Provision for students in areas where internet access is restricted

This page aims to provide additional guidance on the accessibility of online teaching and learning for students in areas where internet access might be restricted. 

As part of Curriculum Shift 2020/21, an increasing part of our delivery became online. When planning your delivery method, please consider the information below, including the technical considerations. 

Student access to Moodle and other resources is dependent on their computer set up, speed of their internet connection and location.  Therefore, students should be advised to, where possible, use a wired, stable, high speed internet connection.

Access to Moodle and other websites and content in China

Students should be able to access LSE Moodle in most areas but access is dependent on the quality of the internet connection.

You may need to review the content of your Moodle courses as certain embedded sites may be blocked. Similarly, licencing restrictions may restrict student access to content from some publishers. For example, video content from Box of Broadcasts is only licenced for use within the UK. 

In China, blocked websites include Google, YouTube and Vimeo. Online search engines are available to check if a website is blocked in China. An online search for phrases such as “China firewall test” will return a range of such search engines.

Turnitin (via Moodle) should be available in most areas but students may encounter difficulties if their internet connection is unstable.

Access to third party apps, such as Padlet, Slido, Mentimeter etc., cannot be guaranteed. Therefore, in addition to  the considerations outlined in our guidance on using third part apps, it is worth checking their accessibility through an online search engine before designing activities using them.

Recording audio and video content

Recording lectures and other teaching events enables students to access the recordings in their own time and manage their local conditions accordingly. You can create these recordings using in variety of ways, as outlined elsewhere on the Curriculum Shift website. Once recorded, videos published through Echo360 should be accessible in most areas.

Seminars/Collaboration/Group Discussion

Discussion Forums

Synchronous or asynchronous discussions using the Forum activity in Moodle should prove to be the most reliable way of allowing students with restricted internet access to contribute to class discussions. For specific guidance on how to facilitate a class through Discussion forums (asynchronous communication), for structured activities and assigned group work, please read the following resource.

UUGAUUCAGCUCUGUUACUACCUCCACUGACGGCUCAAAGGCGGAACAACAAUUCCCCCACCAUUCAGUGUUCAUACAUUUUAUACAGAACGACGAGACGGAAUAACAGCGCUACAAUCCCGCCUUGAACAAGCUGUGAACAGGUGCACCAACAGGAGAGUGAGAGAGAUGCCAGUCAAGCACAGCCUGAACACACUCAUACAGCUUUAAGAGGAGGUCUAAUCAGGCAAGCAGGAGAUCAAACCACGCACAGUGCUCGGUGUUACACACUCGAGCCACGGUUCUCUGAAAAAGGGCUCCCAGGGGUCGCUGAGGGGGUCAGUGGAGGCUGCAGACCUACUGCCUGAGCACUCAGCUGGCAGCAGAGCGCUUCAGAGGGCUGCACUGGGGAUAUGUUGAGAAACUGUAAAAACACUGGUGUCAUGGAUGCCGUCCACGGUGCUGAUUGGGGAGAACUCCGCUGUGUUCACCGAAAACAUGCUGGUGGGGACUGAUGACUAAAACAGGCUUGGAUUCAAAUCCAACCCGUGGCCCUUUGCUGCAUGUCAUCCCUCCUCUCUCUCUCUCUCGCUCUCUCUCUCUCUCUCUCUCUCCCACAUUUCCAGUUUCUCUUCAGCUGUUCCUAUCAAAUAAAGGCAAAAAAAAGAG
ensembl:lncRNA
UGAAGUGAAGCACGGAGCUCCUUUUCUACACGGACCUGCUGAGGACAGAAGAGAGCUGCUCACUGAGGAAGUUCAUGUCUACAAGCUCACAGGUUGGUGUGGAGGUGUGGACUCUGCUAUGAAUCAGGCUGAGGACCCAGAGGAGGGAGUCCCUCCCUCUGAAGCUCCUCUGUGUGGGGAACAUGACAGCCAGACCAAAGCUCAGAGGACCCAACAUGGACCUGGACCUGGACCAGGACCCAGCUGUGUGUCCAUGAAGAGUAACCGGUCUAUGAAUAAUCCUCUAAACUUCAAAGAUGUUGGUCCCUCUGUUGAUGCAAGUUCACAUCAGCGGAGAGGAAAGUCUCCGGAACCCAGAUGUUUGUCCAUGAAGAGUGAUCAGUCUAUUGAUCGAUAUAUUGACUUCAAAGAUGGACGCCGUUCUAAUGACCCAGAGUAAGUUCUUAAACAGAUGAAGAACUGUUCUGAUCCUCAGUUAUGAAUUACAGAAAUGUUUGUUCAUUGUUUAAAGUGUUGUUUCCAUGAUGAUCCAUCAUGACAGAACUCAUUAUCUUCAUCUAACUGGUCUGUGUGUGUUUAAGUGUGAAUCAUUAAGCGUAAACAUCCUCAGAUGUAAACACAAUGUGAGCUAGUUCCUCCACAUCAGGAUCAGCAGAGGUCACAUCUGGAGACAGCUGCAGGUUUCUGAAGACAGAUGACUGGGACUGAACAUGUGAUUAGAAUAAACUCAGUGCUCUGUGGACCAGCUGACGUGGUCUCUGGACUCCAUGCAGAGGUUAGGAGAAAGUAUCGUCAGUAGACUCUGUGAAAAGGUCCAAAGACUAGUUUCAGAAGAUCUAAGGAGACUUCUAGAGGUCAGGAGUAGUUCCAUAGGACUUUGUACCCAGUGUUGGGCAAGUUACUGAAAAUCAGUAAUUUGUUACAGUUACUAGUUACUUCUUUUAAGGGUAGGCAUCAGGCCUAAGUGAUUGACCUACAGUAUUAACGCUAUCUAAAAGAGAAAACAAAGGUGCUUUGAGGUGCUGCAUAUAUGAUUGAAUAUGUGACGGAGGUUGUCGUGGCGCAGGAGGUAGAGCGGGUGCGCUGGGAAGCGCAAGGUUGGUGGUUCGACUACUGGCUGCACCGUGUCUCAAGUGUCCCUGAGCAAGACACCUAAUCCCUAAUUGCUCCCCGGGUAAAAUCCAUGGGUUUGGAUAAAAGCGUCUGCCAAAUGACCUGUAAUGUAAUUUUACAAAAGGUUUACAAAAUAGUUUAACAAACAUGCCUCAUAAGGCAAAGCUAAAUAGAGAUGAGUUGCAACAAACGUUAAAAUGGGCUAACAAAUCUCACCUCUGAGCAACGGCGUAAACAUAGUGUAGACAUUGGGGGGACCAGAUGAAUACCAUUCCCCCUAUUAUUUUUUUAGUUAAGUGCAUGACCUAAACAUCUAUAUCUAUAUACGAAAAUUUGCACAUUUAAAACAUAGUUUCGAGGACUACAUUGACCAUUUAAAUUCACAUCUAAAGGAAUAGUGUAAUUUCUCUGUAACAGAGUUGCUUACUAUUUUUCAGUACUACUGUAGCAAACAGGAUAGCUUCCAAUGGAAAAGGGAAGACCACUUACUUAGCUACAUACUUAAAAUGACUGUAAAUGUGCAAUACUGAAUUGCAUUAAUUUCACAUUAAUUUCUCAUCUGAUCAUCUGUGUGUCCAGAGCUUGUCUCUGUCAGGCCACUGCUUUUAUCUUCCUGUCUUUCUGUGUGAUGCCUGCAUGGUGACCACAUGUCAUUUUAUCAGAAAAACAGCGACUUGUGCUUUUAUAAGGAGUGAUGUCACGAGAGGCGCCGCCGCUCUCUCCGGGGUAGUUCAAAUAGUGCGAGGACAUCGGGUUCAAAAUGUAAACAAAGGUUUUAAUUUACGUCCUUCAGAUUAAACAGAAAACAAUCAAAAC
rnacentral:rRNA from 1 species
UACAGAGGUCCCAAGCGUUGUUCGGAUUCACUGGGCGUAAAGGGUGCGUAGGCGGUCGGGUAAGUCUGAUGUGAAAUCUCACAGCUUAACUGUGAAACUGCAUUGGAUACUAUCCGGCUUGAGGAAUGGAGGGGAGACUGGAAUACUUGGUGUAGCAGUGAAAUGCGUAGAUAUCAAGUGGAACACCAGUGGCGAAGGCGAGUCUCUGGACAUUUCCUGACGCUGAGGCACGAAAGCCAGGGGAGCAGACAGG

Web conferencing / webinars

There may also be regional variations in access to Zoom and other web conferencing tools and it is important to consider this as part of your planning.  Zoom publishes details of countries where users are unable to access its services for regulatory reasons. You should also consider that students in some areas may experience difficulties with their internet connection and may only be able to make contributions through the Zoom chat function.  Alternatively, If connectivity is an issue, students can dial into Zoom meetings using their phone.

Technical considerations

Web Browsers

Students in China may access online materials using local browsers, such as QQ, which may present compatibility issues with Moodle and Turnitin. 

Mobile Devices

Students may access Moodle using a mobile device, either via the Moodle App or through a web browser.

The Moodle App has some limitations and students may need to move between app and browser view to access all content.  You can learn more about what is supported by the app on the Moodle app features page

Using WiFi or Mobile Data can result in internet speed issues so students should be encouraged to use a wired internet connection with a desktop or laptop.

File sizes

Because internet connectivity can be slow and inconsistent in some areas, it is advisable to keep file sizes to a minimum. The University of Reading has produced a useful guide on reducing media file sizes.

For further information about LSE supported  technologies, use the updated LSE Moodle guides and Lecture recording (ECHO 360) guides.

We would like to thank our colleagues at University of Reading for sharing information with us.